** 14. 8,230** First, add the total number of male and female voters to get the overall total of 9,053. Don’t subtract 10% from that, though—that’s a 10% decrease, and the big trap in the problem. Instead, find the number that gives 9,053 when increased by 10%. Increasing something by 10% makes it 110% of its original value, so translate the question “9,053 is 110% of what?” into the equation 9,053 =

*x*. Solve for

*x*, and

*x*= 8,230.

** 15. D** Take advantage of the work that’s already done for you—the total number of females—and add the males who were less than 48 years old: 4,671 + 1,030 + 1,114 = 6,815.

** 16. C** You can compare the ratio of the actual numbers of people, or the ratio of the percentages. Either way the ratios will be the same. Since we already know the percentage of Democrats and the percentages are smaller numbers, let’s stay with percentages. To find out the percentage of male voters age 48 to 62, write “1,291 is what percent of 9,053?” as an equation on your scratch paper: 1,291 =

*x*/100(9,053). The answer is 14.2%. The ratio of 43% to 14% is closest to 3 to 1. The correct answer is (C).

** 17. C** Use those answer choices! Because the question is asking for the least number, start by Plugging In (A), the least number in the answer choices.

(A) Does {3(−3) + 2} {−3 − 3} = 0? (−7) (−6) = −42, which isn’t 0.

(B) Does {3(−2) + 2} {−2 − 2} = 0? (−4) (−4) = −16, which isn’t 0.

(C) Does {3(−) + 2} {− − 3} = 0? (0) (−3 ) = 0. Bingo!

** 18. 236** Draw yourself a picture! To find the perimeter of a rectangle, you need to know the length and the width. If the newspaper ad with a width of 14 has the same area as another ad 52 long and 28 wide, that means that 14(length) = 52(28). Divide both sides by 14, and you get length = 52(2) = 104. So, the perimeter of the mystery ad is 104 + 104 +14 + 14, which equals 236.

** 19. C** With all of these percents, wouldn’t it be nice to have a total number? Just Plug In one. Make the total number of voters 100 (the best number to plug in when you’re dealing with percents). 60 percent of the voters are women, so that’s 60 women, and the remaining voters are men, so that’s 40 (we made the total 100, remember?) men. 30 percent of the women would be 30 percent of 60, which is (60), or 18 women, who voted for candidate

*X*. 20 percent of the men would be 20 percent of 40, which is (40), or 8 men, who voted for candidate

*X*. So, the total number of people voting for candidate

*X*is 18 + 8, or 26. Because your total is 100, 26 is equal to 26 percent. That’s (C).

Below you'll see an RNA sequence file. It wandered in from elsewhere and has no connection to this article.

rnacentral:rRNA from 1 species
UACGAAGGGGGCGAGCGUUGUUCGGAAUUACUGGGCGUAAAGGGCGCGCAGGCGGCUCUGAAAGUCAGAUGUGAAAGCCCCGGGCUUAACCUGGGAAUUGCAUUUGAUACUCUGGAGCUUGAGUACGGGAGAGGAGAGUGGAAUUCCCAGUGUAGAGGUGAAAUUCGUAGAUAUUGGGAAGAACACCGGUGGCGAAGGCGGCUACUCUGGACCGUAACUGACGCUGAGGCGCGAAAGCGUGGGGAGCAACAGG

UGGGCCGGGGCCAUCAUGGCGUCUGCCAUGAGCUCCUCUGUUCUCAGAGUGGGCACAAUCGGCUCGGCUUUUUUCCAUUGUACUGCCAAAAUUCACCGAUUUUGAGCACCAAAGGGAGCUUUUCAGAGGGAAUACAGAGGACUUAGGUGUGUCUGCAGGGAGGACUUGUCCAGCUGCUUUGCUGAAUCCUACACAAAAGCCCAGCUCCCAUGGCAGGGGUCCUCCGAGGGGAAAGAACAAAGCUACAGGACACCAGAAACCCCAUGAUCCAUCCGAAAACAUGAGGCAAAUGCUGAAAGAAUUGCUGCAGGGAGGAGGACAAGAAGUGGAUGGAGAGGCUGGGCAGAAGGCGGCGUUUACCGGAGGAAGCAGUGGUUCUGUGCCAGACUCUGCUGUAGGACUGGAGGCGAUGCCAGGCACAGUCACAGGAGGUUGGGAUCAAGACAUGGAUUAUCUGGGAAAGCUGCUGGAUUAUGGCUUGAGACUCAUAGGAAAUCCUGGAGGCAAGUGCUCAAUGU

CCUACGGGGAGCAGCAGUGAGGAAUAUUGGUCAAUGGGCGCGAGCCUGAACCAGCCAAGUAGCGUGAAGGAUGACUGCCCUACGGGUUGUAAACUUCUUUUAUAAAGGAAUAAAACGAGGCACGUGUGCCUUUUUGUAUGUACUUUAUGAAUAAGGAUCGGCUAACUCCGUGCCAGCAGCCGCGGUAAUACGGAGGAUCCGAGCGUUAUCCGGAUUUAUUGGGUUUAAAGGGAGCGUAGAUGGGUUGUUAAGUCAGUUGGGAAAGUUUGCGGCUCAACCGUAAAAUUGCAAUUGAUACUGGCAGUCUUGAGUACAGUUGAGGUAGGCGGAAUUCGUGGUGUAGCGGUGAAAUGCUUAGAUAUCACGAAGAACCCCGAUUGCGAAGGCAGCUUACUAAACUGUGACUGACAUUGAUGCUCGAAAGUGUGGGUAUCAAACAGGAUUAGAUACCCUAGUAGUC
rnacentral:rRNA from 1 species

** 20. B, C**, and

**E**

Use your on-screen calculator to find 21 × 54 × 22, and Plug In The Answers to see which ones divide into integers. Alternately, you could work with the factors: 21 = 7 × 3, 54 = 3 × 3 × 3 × 2, and 22 = 2 × 11, so you can divide their product by any number that contains only the factors in 22 × 34 × 7 × 11. The denominators in choices (A) and (F) both have 5 as factors, and choice (D) has too many 2’s; the rest of the choices all yield integers.

**MATH DRILL #2**

** 1. A** When in doubt, expand it out, and don’t calculate, because this is quant comp and you only have to compare. In Quantity A, there is (4)(2)(2)(2)(2)(2)(2). In Quantity B, there is (6)(4)(4). Break it down even further: Quantity A is (2)(2)(2)(2)(2)(2)(2) (2), and Quantity B is (3)(2)(2)(2)(2)(2). Now, get rid of anything both columns have in common. Each column has five 2’s, so cross them out. What’s left? (2)(2)(2) in Quantity A and (3) in Quantity B. In other words, Quantity A has an 8, and Quantity B has a 3. The answer is (A).

** 2. A** First of all, there are only numbers in this problem, so the answer cannot be (D). Now, the formula for percent increase is the difference divided by the original, multiplied by 100. In Quantity A, the difference (between 4 and 5) is 1, and the original number is 4, so that’s . Multiply that by 100 and you get 25%. In Quantity B, the difference (between 4 and 5) is 1, but the original number is 5, so that’s . Multiply that by 100 and you get 20%. 25% is bigger than 20%, so the answer is (A).

** 3. A** Draw yourself a picture! Plug In some numbers and see what happens. To start with, make

*r*= 2. Then, you get π

*r*= 4π (which is about 12-ish) in Quantity A and 4(2) = 8 in Quantity B. So Quantity A is greater if

*r*= 2. Eliminate choices (B) and (C). Now Plug In a weird number; make

*r*= . Then you get π in Quantity A and 2 in Quantity B. Quantity A wins again. You can’t Plug In 0 or a negative number because

*r*is the radius of the circle and the side of the square. The answer is (A).

** 4. C** When you see the word “average,” draw a pie. In Quantity A, the average is 7 + 3 + 4 + 2, or 16, divided by 4, which is 4. In Quantity B, you have to find the average of 2